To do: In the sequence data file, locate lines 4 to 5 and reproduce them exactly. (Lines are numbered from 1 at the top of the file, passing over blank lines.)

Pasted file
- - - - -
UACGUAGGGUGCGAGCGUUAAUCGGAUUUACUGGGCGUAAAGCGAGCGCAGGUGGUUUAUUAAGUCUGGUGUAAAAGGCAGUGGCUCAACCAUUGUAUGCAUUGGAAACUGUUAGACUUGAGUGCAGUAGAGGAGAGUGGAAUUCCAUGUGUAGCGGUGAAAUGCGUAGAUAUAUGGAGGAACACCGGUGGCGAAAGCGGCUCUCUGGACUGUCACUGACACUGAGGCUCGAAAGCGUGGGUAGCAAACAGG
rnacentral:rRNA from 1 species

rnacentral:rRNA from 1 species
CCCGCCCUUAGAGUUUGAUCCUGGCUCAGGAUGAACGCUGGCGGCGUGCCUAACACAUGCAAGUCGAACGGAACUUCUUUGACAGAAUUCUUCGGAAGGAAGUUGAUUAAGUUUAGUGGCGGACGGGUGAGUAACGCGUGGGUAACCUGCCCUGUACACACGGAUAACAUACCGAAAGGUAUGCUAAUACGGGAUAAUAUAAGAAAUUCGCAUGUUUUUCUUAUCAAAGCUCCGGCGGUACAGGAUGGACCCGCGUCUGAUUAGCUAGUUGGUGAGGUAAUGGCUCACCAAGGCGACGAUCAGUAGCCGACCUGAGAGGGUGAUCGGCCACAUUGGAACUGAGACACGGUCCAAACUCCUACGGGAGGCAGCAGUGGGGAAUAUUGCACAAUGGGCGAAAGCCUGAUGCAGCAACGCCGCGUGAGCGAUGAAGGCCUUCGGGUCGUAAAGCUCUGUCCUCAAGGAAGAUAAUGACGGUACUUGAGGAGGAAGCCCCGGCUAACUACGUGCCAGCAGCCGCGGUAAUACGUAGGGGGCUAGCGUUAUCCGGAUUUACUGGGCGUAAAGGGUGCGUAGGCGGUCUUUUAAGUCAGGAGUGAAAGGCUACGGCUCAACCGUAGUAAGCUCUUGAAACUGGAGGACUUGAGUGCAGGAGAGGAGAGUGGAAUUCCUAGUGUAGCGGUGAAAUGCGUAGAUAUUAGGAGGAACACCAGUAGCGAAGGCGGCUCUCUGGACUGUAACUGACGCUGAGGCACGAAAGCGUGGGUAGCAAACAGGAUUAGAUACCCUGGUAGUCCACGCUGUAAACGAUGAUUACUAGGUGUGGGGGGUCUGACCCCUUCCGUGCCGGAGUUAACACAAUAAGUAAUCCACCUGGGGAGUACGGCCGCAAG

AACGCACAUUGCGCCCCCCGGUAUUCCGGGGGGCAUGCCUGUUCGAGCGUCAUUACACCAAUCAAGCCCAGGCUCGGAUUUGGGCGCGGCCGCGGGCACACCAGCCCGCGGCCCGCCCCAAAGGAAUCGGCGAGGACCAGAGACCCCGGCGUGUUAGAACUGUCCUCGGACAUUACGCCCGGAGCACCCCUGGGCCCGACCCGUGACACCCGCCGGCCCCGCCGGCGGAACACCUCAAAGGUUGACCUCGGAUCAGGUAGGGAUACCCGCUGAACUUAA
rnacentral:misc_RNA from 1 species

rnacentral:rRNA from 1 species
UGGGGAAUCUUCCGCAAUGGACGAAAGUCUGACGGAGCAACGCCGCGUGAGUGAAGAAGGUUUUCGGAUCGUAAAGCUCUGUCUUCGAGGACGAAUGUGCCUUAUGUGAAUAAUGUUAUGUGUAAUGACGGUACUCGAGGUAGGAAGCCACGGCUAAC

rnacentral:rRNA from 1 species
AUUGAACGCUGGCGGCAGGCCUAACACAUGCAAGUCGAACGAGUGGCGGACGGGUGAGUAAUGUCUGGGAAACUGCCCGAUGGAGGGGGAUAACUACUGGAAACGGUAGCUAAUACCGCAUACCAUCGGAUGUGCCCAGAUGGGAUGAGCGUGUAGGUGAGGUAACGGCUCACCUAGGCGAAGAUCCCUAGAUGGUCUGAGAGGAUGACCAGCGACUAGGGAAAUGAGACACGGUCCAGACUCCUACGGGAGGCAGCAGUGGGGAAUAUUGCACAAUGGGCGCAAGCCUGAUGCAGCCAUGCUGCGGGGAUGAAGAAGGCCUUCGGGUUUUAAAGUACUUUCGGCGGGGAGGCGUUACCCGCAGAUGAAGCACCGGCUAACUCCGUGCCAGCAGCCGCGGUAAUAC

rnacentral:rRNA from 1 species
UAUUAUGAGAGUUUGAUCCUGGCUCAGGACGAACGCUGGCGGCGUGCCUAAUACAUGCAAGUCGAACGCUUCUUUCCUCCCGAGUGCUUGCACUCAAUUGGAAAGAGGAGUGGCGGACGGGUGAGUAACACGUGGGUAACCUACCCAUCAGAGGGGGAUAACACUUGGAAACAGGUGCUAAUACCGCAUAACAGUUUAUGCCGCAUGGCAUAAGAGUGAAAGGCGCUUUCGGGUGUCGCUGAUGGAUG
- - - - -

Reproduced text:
CCCGCCCUUAGAGUUUGAUCCUGGCUCAGGAUGAACGCUGGCGGCGUGCCUAACACAUGCAAGUCGAACGGAACUUCUUUGACAGAAUUCUUCGGAAGGAAGUUGAUUAAGUUUAGUGGCGGACGGGUGAGUAACGCGUGGGUAACCUGCCCUGUACACACGGAUAACAUACCGAAAGGUAUGCUAAUACGGGAUAAUAUAAGAAAUUCGCAUGUUUUUCUUAUCAAAGCUCCGGCGGUACAGGAUGGACCCGCGUCUGAUUAGCUAGUUGGUGAGGUAAUGGCUCACCAAGGCGACGAUCAGUAGCCGACCUGAGAGGGUGAUCGGCCACAUUGGAACUGAGACACGGUCCAAACUCCUACGGGAGGCAGCAGUGGGGAAUAUUGCACAAUGGGCGAAAGCCUGAUGCAGCAACGCCGCGUGAGCGAUGAAGGCCUUCGGGUCGUAAAGCUCUGUCCUCAAGGAAGAUAAUGACGGUACUUGAGGAGGAAGCCCCGGCUAACUACGUGCCAGCAGCCGCGGUAAUACGUAGGGGGCUAGCGUUAUCCGGAUUUACUGGGCGUAAAGGGUGCGUAGGCGGUCUUUUAAGUCAGGAGUGAAAGGCUACGGCUCAACCGUAGUAAGCUCUUGAAACUGGAGGACUUGAGUGCAGGAGAGGAGAGUGGAAUUCCUAGUGUAGCGGUGAAAUGCGUAGAUAUUAGGAGGAACACCAGUAGCGAAGGCGGCUCUCUGGACUGUAACUGACGCUGAGGCACGAAAGCGUGGGUAGCAAACAGGAUUAGAUACCCUGGUAGUCCACGCUGUAAACGAUGAUUACUAGGUGUGGGGGGUCUGACCCCUUCCGUGCCGGAGUUAACACAAUAAGUAAUCCACCUGGGGAGUACGGCCGCAAG

AACGCACAUUGCGCCCCCCGGUAUUCCGGGGGGCAUGCCUGUUCGAGCGUCAUUACACCAAUCAAGCCCAGGCUCGGAUUUGGGCGCGGCCGCGGGCACACCAGCCCGCGGCCCGCCCCAAAGGAAUCGGCGAGGACCAGAGACCCCGGCGUGUUAGAACUGUCCUCGGACAUUACGCCCGGAGCACCCCUGGGCCCGACCCGUGACACCCGCCGGCCCCGCCGGCGGAACACCUCAAAGGUUGACCUCGGAUCAGGUAGGGAUACCCGCUGAACUUAA